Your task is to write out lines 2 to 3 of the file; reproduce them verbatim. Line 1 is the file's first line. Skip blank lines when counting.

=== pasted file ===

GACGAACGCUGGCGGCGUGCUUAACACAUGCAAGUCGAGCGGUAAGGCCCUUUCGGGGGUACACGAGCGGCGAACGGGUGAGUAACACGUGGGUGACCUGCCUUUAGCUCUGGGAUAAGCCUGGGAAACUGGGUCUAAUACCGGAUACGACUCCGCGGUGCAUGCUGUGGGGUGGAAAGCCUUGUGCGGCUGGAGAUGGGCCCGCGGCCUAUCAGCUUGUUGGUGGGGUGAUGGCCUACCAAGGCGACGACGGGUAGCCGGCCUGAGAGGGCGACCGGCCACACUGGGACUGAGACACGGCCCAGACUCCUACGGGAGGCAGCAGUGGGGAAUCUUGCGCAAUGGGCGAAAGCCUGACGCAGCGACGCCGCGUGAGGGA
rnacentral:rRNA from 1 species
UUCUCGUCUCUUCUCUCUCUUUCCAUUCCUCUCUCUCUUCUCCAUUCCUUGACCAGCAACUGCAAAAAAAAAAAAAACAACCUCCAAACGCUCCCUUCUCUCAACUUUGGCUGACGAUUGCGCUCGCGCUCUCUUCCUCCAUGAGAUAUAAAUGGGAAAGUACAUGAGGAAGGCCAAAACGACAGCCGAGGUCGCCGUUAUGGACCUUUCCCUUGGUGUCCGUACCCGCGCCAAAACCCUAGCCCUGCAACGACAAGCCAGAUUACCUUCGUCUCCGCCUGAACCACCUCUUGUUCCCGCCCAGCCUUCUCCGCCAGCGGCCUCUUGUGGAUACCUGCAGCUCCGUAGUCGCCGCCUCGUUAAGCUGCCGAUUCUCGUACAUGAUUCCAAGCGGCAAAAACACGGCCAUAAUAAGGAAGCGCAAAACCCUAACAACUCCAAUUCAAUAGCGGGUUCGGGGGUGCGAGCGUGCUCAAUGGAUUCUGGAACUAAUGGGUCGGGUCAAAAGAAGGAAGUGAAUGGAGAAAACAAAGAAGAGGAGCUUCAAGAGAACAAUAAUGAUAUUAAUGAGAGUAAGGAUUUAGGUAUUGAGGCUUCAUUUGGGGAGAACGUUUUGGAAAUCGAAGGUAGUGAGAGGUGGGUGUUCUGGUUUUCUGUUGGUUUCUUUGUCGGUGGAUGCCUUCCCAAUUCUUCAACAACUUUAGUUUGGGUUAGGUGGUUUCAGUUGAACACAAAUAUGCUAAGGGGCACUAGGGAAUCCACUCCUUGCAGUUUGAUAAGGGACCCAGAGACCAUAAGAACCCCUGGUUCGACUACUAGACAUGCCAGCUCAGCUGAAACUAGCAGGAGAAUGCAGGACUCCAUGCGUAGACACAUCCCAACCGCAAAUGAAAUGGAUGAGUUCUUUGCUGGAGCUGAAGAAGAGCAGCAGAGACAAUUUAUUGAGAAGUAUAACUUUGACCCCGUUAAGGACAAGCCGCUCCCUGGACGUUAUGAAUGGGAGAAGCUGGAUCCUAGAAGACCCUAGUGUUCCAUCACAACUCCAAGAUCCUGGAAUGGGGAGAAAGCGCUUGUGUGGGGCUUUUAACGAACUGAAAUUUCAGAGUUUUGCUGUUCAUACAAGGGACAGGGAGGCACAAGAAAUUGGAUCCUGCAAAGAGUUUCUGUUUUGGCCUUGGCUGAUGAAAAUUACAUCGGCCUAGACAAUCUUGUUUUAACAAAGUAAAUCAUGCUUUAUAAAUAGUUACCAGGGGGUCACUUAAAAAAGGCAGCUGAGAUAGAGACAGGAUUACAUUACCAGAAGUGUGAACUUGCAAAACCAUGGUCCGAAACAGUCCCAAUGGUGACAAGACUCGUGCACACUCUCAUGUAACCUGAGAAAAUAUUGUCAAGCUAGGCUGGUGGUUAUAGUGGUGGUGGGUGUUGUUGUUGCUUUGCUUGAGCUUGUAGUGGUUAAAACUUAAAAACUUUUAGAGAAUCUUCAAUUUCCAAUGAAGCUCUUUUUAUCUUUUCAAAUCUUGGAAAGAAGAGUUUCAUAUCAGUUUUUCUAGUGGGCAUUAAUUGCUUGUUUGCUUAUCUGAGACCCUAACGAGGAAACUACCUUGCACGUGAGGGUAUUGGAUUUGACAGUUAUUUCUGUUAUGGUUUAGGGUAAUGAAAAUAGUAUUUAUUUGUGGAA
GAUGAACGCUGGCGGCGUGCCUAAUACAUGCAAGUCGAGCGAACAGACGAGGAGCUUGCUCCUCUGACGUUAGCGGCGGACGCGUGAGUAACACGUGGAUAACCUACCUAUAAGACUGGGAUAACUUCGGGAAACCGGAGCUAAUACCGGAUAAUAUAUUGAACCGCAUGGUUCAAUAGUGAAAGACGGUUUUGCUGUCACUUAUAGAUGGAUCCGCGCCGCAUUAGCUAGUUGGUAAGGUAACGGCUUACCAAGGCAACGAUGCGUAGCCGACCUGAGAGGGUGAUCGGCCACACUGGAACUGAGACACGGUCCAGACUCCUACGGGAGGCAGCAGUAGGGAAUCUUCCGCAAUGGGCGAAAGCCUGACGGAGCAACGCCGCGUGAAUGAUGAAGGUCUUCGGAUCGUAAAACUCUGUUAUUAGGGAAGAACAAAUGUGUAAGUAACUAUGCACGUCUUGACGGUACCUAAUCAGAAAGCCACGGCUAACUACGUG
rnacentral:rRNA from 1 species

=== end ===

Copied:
rnacentral:rRNA from 1 species
UUCUCGUCUCUUCUCUCUCUUUCCAUUCCUCUCUCUCUUCUCCAUUCCUUGACCAGCAACUGCAAAAAAAAAAAAAACAACCUCCAAACGCUCCCUUCUCUCAACUUUGGCUGACGAUUGCGCUCGCGCUCUCUUCCUCCAUGAGAUAUAAAUGGGAAAGUACAUGAGGAAGGCCAAAACGACAGCCGAGGUCGCCGUUAUGGACCUUUCCCUUGGUGUCCGUACCCGCGCCAAAACCCUAGCCCUGCAACGACAAGCCAGAUUACCUUCGUCUCCGCCUGAACCACCUCUUGUUCCCGCCCAGCCUUCUCCGCCAGCGGCCUCUUGUGGAUACCUGCAGCUCCGUAGUCGCCGCCUCGUUAAGCUGCCGAUUCUCGUACAUGAUUCCAAGCGGCAAAAACACGGCCAUAAUAAGGAAGCGCAAAACCCUAACAACUCCAAUUCAAUAGCGGGUUCGGGGGUGCGAGCGUGCUCAAUGGAUUCUGGAACUAAUGGGUCGGGUCAAAAGAAGGAAGUGAAUGGAGAAAACAAAGAAGAGGAGCUUCAAGAGAACAAUAAUGAUAUUAAUGAGAGUAAGGAUUUAGGUAUUGAGGCUUCAUUUGGGGAGAACGUUUUGGAAAUCGAAGGUAGUGAGAGGUGGGUGUUCUGGUUUUCUGUUGGUUUCUUUGUCGGUGGAUGCCUUCCCAAUUCUUCAACAACUUUAGUUUGGGUUAGGUGGUUUCAGUUGAACACAAAUAUGCUAAGGGGCACUAGGGAAUCCACUCCUUGCAGUUUGAUAAGGGACCCAGAGACCAUAAGAACCCCUGGUUCGACUACUAGACAUGCCAGCUCAGCUGAAACUAGCAGGAGAAUGCAGGACUCCAUGCGUAGACACAUCCCAACCGCAAAUGAAAUGGAUGAGUUCUUUGCUGGAGCUGAAGAAGAGCAGCAGAGACAAUUUAUUGAGAAGUAUAACUUUGACCCCGUUAAGGACAAGCCGCUCCCUGGACGUUAUGAAUGGGAGAAGCUGGAUCCUAGAAGACCCUAGUGUUCCAUCACAACUCCAAGAUCCUGGAAUGGGGAGAAAGCGCUUGUGUGGGGCUUUUAACGAACUGAAAUUUCAGAGUUUUGCUGUUCAUACAAGGGACAGGGAGGCACAAGAAAUUGGAUCCUGCAAAGAGUUUCUGUUUUGGCCUUGGCUGAUGAAAAUUACAUCGGCCUAGACAAUCUUGUUUUAACAAAGUAAAUCAUGCUUUAUAAAUAGUUACCAGGGGGUCACUUAAAAAAGGCAGCUGAGAUAGAGACAGGAUUACAUUACCAGAAGUGUGAACUUGCAAAACCAUGGUCCGAAACAGUCCCAAUGGUGACAAGACUCGUGCACACUCUCAUGUAACCUGAGAAAAUAUUGUCAAGCUAGGCUGGUGGUUAUAGUGGUGGUGGGUGUUGUUGUUGCUUUGCUUGAGCUUGUAGUGGUUAAAACUUAAAAACUUUUAGAGAAUCUUCAAUUUCCAAUGAAGCUCUUUUUAUCUUUUCAAAUCUUGGAAAGAAGAGUUUCAUAUCAGUUUUUCUAGUGGGCAUUAAUUGCUUGUUUGCUUAUCUGAGACCCUAACGAGGAAACUACCUUGCACGUGAGGGUAUUGGAUUUGACAGUUAUUUCUGUUAUGGUUUAGGGUAAUGAAAAUAGUAUUUAUUUGUGGAA